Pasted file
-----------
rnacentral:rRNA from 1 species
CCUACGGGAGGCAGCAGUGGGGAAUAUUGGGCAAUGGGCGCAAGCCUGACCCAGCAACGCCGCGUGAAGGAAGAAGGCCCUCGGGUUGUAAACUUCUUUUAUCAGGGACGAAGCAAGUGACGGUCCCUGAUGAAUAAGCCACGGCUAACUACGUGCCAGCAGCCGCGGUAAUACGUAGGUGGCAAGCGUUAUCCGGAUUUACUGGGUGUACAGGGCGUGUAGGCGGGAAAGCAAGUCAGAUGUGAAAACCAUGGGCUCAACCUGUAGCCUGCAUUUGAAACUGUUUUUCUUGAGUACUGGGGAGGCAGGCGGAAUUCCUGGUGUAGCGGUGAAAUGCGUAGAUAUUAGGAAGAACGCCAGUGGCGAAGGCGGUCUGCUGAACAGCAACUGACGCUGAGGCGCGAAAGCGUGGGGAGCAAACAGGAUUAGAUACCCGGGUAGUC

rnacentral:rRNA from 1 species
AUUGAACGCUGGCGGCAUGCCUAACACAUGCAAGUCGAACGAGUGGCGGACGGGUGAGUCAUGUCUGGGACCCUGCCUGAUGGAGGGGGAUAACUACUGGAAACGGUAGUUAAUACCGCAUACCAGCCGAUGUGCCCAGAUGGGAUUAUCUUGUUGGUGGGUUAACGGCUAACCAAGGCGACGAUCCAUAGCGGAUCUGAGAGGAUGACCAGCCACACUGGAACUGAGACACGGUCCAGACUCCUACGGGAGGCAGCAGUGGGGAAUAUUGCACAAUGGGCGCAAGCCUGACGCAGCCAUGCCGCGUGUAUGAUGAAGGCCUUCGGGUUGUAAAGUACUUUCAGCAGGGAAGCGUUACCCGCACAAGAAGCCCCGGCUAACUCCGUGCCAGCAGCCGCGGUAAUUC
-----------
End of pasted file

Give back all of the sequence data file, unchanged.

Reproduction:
rnacentral:rRNA from 1 species
CCUACGGGAGGCAGCAGUGGGGAAUAUUGGGCAAUGGGCGCAAGCCUGACCCAGCAACGCCGCGUGAAGGAAGAAGGCCCUCGGGUUGUAAACUUCUUUUAUCAGGGACGAAGCAAGUGACGGUCCCUGAUGAAUAAGCCACGGCUAACUACGUGCCAGCAGCCGCGGUAAUACGUAGGUGGCAAGCGUUAUCCGGAUUUACUGGGUGUACAGGGCGUGUAGGCGGGAAAGCAAGUCAGAUGUGAAAACCAUGGGCUCAACCUGUAGCCUGCAUUUGAAACUGUUUUUCUUGAGUACUGGGGAGGCAGGCGGAAUUCCUGGUGUAGCGGUGAAAUGCGUAGAUAUUAGGAAGAACGCCAGUGGCGAAGGCGGUCUGCUGAACAGCAACUGACGCUGAGGCGCGAAAGCGUGGGGAGCAAACAGGAUUAGAUACCCGGGUAGUC

rnacentral:rRNA from 1 species
AUUGAACGCUGGCGGCAUGCCUAACACAUGCAAGUCGAACGAGUGGCGGACGGGUGAGUCAUGUCUGGGACCCUGCCUGAUGGAGGGGGAUAACUACUGGAAACGGUAGUUAAUACCGCAUACCAGCCGAUGUGCCCAGAUGGGAUUAUCUUGUUGGUGGGUUAACGGCUAACCAAGGCGACGAUCCAUAGCGGAUCUGAGAGGAUGACCAGCCACACUGGAACUGAGACACGGUCCAGACUCCUACGGGAGGCAGCAGUGGGGAAUAUUGCACAAUGGGCGCAAGCCUGACGCAGCCAUGCCGCGUGUAUGAUGAAGGCCUUCGGGUUGUAAAGUACUUUCAGCAGGGAAGCGUUACCCGCACAAGAAGCCCCGGCUAACUCCGUGCCAGCAGCCGCGGUAAUUC